Why Creativity is Not Enough
Your eyes fall on a word…try not reading it. Try not reacting to a compelling image. It is quite literally impossible. In a time when mass media has given way to the media of the masses, content is ubiquitous. With so many voices competing for attention, content is not king; the ability to get attention is, and the power behind the throne is the skillful execution of strategic creativity. The best brand messages are at once bold and subtle, so that they effectively capture human attention and then hold it.
Today’s brand communications must be densely packed with meaning and capable of producing immediate emotional impact. “A brand or advertising proposition is the densest possible articulation of an idea,” wrote marketer and author Faris Yakob, “the work of a planner who has compressed everything necessary down to the smallest possible space.” He also rightly wrote that, “Advertising agencies are not [just]in the business of making cool stuff, they are in the business of making money for clients, using creativity.”
David Ogilvy, one of the original “Mad Men” of advertising, once called “the most sought-after wizard in today’s advertising industry” by Time magazine, created some of the most iconic and successful ad campaigns of all time. He was (like me) a Creative Director and Copywriter. Ogilvy said that, “In the modern world of business, it is useless to be a creative, original thinker unless you can sell what you create.”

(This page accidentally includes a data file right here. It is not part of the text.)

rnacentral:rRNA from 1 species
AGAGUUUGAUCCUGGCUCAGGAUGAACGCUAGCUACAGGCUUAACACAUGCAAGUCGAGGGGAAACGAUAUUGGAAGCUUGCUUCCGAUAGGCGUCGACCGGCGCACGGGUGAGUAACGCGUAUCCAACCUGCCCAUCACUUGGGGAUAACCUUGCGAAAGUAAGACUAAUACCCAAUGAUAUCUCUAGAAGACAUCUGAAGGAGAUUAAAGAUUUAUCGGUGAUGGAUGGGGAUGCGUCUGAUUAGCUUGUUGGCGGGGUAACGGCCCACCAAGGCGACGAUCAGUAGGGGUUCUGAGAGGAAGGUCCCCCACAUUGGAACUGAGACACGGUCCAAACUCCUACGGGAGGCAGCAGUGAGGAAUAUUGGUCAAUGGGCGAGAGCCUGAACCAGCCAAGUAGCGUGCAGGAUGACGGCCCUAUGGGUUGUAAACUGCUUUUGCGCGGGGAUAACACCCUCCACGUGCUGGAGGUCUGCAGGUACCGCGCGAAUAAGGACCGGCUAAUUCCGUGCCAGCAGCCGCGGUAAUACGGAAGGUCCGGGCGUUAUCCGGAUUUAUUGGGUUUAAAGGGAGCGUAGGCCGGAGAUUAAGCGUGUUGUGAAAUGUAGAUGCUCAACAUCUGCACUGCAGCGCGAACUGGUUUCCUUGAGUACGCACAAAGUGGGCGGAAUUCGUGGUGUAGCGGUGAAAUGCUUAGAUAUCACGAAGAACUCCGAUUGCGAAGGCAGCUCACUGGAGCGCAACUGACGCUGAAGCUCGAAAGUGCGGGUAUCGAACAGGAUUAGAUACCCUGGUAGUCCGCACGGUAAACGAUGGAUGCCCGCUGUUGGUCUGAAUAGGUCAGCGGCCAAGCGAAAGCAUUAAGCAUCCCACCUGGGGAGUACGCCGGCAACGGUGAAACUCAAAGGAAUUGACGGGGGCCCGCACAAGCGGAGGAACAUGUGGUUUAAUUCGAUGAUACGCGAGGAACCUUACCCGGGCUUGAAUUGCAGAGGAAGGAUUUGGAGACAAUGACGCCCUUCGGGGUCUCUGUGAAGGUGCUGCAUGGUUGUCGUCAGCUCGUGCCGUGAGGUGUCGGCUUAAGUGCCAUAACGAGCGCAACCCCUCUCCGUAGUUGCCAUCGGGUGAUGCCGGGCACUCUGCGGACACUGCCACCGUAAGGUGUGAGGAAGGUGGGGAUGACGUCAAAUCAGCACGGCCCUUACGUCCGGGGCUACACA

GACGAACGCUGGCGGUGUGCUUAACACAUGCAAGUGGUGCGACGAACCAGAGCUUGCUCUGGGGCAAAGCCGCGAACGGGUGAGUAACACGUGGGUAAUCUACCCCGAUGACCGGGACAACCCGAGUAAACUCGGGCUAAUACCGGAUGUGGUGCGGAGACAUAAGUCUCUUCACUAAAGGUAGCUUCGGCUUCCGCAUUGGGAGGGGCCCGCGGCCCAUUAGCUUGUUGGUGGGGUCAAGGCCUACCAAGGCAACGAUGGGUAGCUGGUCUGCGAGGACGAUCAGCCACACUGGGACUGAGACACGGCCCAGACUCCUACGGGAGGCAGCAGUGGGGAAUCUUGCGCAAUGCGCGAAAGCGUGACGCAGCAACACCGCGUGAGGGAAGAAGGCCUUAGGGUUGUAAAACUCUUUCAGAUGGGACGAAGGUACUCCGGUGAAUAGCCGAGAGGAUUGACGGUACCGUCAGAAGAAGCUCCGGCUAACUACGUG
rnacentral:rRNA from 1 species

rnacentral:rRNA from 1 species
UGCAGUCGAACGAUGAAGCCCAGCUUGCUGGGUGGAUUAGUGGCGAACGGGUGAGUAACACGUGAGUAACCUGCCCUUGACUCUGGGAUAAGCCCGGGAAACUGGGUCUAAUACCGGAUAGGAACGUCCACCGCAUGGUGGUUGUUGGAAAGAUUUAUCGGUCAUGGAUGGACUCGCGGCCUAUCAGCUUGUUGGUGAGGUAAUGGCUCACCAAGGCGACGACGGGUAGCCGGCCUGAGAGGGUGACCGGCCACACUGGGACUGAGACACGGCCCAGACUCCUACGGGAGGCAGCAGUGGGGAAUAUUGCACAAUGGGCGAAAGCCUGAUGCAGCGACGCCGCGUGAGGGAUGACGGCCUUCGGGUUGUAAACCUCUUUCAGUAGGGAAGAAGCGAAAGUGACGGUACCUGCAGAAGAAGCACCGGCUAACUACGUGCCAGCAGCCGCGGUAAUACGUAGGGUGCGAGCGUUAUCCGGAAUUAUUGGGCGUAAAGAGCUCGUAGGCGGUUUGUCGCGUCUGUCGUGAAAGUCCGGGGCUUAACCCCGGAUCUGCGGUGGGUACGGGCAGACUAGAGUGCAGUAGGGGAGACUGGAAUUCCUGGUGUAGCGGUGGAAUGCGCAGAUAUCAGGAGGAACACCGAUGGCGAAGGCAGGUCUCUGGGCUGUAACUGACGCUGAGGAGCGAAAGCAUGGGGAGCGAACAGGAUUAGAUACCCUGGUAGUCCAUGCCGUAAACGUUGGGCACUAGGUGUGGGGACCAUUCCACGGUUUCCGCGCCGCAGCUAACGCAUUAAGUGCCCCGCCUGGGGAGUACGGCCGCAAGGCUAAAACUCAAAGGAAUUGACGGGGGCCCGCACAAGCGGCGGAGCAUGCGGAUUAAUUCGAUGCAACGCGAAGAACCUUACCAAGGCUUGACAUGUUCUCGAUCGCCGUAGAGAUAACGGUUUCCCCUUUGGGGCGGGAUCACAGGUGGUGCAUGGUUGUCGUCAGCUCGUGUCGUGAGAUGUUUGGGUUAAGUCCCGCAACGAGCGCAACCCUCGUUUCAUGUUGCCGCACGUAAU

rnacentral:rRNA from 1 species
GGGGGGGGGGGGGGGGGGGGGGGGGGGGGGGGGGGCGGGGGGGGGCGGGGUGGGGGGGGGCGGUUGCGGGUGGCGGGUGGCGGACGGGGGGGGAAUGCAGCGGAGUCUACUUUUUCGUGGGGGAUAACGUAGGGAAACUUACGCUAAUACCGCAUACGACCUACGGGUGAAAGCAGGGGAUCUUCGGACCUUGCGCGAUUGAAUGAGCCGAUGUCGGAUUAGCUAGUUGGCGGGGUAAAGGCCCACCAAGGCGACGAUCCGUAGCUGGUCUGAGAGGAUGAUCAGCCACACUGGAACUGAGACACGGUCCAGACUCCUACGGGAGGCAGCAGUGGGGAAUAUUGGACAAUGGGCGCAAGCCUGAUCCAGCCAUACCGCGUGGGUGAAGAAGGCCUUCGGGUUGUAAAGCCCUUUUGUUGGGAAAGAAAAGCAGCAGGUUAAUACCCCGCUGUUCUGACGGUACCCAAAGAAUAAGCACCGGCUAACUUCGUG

Beyond getting attention, brilliant creativity must be mindfully planned to produce tangible returns. Skillfully-written copy is the crux of truly creative brand development and advertising: compelling headlines, strategically witty ad content, website copy that captures and holds attention; scripts and voiceovers for video, podcast and radio. Paired with strategic creativity, execution of professional design and experienced media placement, great copy is the foundation of exceptional brand communications.
“Advertising is a business of words,” said Ogilvy, but unfortunately, “advertising agencies are infested with men and women who cannot write. They cannot write advertisements, and they cannot write plans. They are helpless as deaf mutes on the stage of the Metropolitan Opera.”
It is not enough to know advertising media, where to place your ads, or even to produce creative work; your ads must resonate at a level that grabs attention, creates an indelible emotional impact, and ultimately leads people to change their behavior. “Bad advertising can unsell a product,” said Ogilvy…but that is a story for another day and another article.
Kelly Walker, MS is brand development and advertising specialist, senior copywriter and creative director. Over the past decade and a half, he has created award-winning, strategically-creative campaigns that have grown scores of companies. www.resonantagency.com